From Aberdeen the journey is slightly longer and takes approximately 1 ½ hours passing through the Royal Deeside town of Ballater.
==WHAT SHOULD YOU EXPECT IN THE WINTER==
Once you reach the ski resort you will find 2 very large parking areas, which is usually ample space but again, if there has been a good amount of snowfall, they can be very busy and also very treacherous, with many a car getting stuck, but not to worry there are always plenty people willing to help push you out again! There is always a wonderful hive of activity in Glenshee with children and adults of all ages having a great time.
When visiting Glenshee during the snow season you should always go very well prepared taking plenty or warm waterproof clothing and a dry change of clothes as well. The weather can change very, very quickly and it is always better to be safe than sorry!
==WHAT YOU SHOULD EXPECT IN THE SUMMER==
During the summer months Glenshee is still a hive of activity, maybe not as much as when the snow is there, but still busy nevertheless. Many outdoor pursuits are offered against the stunning backdrop of the mountains. Pursuits such as hill-walking, horse riding, stalking, shooting, mountain biking and fishing. There is also a hang-gliding school open in Glenshee during summer months and an 18 hole golf course in Braemar.
For the hill-walker there are a number of munros and corbetts to choose from. (A munro is a Scottish mountain over 3000ft and a Corbett is a Scottish mountain over 2500ft.)
With all these super activities to choose from, what more could the outdoor lover ask for!
The Spittal of Glenshee Hotel offers a good base for the area and being only 8 minutes drive from the ski slopes is great for giving you a whole day out on the slopes! The hotel has 48 rooms, 8 of which are family rooms and are all en suite. There is also a bunkhouse, which can accommodate up to 18 people. Braemar, also being fairly close to hand offers 5 or 6 hotels with a number of guesthouses and B&Bs.
There is so much to offer in this area a visit to Glenshee is a must!
© lel1969 February 2008
First thing, lets be clear that the three stars awarded to Glenshee are really three and a half – A good rating if you consider I ski mostly abroad. I recently paid my first winter visit to Glenshee and in many respects was pleasantly surprised. It certainly compared very favourably with Aviemore, a place I’ve skied at a number of times, and think return trips to Glenshee are almost a certainty. It does have bad points too, but we’ll cover them in a bit. The first thing you’ll need access to if you’re to make any sense of my tour of the slopes is a piste map. There is one at http://www.snowboardingscotland.net/res_mapglenshee.html As they boast proudly on the Glenshee piste map and website – 3 Valleys, 4 Mountains. While the subject of the official website is about, it’s at www.ski-glenshee.co.uk, but it isn’t very good. The piste map is still under construction, for starters, but it does have a comprehensive pricing guide. The second thing you’ll need, if unfamiliar with piste maps, is a key. Black – Difficult runs Red – Intermediate runs Blue – Easy runs Green – Beginners runs Yellow – Tows These classifications are European and are reflected in how Europeans rate their skiers as well. Brits often don’t understand their position in this hierarchy. To make the transition from beginner to being a low end intermediate skier – One who can tackle reds with a degree of competence, requires on average 6 weeks of skiing under the belt. The top map represents the ski area to East of the A93. This road, connecting Braemar in the North, to Blairgowrie in the South bisects the area. The area to the East houses two and a half of the valleys and two of the mountains, and has the superior skiing to my mind. Farthest east, and most challenging in this area, is Coire Fionn, in the shadows of Glas Maol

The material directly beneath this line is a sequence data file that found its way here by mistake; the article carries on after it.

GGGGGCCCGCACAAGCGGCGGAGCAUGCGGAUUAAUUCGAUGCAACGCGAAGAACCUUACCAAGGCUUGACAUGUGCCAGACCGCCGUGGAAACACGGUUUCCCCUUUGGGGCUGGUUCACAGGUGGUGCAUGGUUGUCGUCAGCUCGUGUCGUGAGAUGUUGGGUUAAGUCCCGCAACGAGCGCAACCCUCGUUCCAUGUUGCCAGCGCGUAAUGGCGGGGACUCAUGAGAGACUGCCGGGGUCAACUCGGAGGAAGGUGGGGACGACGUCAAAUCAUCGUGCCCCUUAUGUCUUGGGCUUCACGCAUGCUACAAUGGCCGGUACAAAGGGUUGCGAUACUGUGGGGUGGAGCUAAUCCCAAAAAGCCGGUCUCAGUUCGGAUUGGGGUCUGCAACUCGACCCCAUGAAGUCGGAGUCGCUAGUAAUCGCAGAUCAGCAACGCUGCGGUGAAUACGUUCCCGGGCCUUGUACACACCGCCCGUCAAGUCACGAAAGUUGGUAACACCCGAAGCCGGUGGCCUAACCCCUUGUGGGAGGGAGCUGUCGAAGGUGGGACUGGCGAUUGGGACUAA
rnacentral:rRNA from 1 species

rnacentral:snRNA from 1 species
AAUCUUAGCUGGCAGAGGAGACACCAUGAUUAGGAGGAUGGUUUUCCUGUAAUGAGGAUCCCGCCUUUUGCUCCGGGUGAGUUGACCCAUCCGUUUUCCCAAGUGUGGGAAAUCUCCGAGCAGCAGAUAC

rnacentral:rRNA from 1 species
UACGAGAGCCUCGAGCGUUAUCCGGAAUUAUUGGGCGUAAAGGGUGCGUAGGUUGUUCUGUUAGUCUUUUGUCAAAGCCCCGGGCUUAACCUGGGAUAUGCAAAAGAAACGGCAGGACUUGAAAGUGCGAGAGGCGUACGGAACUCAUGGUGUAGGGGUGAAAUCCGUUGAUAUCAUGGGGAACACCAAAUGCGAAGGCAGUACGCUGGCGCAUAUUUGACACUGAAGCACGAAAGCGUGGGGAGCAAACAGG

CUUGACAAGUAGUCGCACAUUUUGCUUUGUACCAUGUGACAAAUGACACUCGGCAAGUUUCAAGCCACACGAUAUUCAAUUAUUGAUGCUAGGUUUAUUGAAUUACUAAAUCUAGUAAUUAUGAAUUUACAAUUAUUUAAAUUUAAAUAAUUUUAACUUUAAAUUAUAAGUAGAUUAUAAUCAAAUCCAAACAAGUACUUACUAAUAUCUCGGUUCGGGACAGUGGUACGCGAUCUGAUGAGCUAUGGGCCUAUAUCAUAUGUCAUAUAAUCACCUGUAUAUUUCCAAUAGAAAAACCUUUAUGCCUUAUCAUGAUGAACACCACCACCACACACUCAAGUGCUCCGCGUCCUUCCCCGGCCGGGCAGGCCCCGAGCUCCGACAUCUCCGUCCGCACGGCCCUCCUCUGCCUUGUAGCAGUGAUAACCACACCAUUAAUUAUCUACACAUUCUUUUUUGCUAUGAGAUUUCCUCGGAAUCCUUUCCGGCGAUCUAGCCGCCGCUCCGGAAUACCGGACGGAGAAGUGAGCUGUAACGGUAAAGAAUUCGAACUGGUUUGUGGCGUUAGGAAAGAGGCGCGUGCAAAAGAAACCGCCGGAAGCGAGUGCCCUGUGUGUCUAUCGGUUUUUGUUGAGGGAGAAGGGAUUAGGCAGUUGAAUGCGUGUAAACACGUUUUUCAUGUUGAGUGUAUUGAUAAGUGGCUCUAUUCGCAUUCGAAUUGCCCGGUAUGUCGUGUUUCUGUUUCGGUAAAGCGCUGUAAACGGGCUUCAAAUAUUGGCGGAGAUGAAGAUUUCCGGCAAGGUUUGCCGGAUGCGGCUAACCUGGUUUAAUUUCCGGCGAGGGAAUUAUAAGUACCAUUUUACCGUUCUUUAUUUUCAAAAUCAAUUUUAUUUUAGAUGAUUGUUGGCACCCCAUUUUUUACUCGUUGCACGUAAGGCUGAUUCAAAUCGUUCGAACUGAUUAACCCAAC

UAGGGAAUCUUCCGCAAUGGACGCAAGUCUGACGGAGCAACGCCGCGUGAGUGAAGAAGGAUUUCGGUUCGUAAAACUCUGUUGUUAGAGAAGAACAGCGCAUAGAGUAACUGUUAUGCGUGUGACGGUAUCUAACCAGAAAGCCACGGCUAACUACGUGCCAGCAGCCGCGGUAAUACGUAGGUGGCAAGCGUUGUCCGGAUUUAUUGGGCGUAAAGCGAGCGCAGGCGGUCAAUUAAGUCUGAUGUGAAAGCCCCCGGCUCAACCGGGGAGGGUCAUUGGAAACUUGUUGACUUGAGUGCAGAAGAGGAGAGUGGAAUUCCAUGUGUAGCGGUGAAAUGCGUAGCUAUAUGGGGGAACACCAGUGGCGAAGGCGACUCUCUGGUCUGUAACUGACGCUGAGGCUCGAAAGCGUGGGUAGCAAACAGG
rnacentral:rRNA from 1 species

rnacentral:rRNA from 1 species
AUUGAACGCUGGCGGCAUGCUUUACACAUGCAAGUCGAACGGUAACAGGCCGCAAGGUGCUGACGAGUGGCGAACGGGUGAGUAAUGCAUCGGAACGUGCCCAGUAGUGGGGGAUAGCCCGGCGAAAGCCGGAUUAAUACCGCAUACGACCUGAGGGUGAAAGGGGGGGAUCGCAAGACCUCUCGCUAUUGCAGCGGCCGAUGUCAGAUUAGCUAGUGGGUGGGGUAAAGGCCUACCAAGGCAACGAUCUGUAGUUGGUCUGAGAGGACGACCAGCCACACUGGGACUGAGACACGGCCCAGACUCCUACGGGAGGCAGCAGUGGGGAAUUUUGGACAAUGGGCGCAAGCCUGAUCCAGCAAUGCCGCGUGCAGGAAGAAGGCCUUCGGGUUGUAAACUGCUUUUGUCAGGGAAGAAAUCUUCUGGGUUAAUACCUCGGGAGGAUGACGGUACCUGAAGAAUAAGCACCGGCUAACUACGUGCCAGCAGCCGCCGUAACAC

and Meall Odhar. It offers what appear on the map to be a number of blue and red runs. In fact there is one nice confidence building red – No. 23 on the map, well groomed on the day - and loads of off piste. The off piste area was a mix of hard ice and thick powder that kept me entertained, but I wouldn’t like to be up there on a quiet day if the weather turned. On the West Side of Meall Odhar are a number of short but interesting reds (19-21) and the Meall Odhar café. A basic affair, they have decent coffee and Donuts though and the toilet is accessible from the outside – very handy. Opposite these reds are some rather short and uninteresting greens to the East of the Sunnyside tows. Sunnyside runs down to the dividing A93 road and offers some nice greens and blues for beginners (11-14). On the main road are the car parking, shop, ticket office etc. To the West of the road are the Cairnwell and Carn Aosda, two big hills with the skiing coming down the ridge that links them. On the first day here I went to the top of the Bunny Run, a horribly flat green. After trudging along BR for a bit with 40mph gusts coming off the ridge, taking lots of drifting snow with it, I found a marked red, the Slalom. Started off down the said run, but it was in appalling condition for a “piste” One side of this narrow run was thick powder, the other solid ice. Not my idea of a piste and one of things that I marked Glenshee down on. Following this I headed up No 7 in Butcharts Coire. At the top I was again alone – the tops of the pomas (Draglifts) are all unmanned – but this time in a white out. I think that the Lift Company displays a frightening lack of responsibility on this issue, especially considering some of the pistes are also very badly marked. After a few minutes I found a couple of other people who didn’t know where they were and we picked our way down the hill together. I didn’t mention it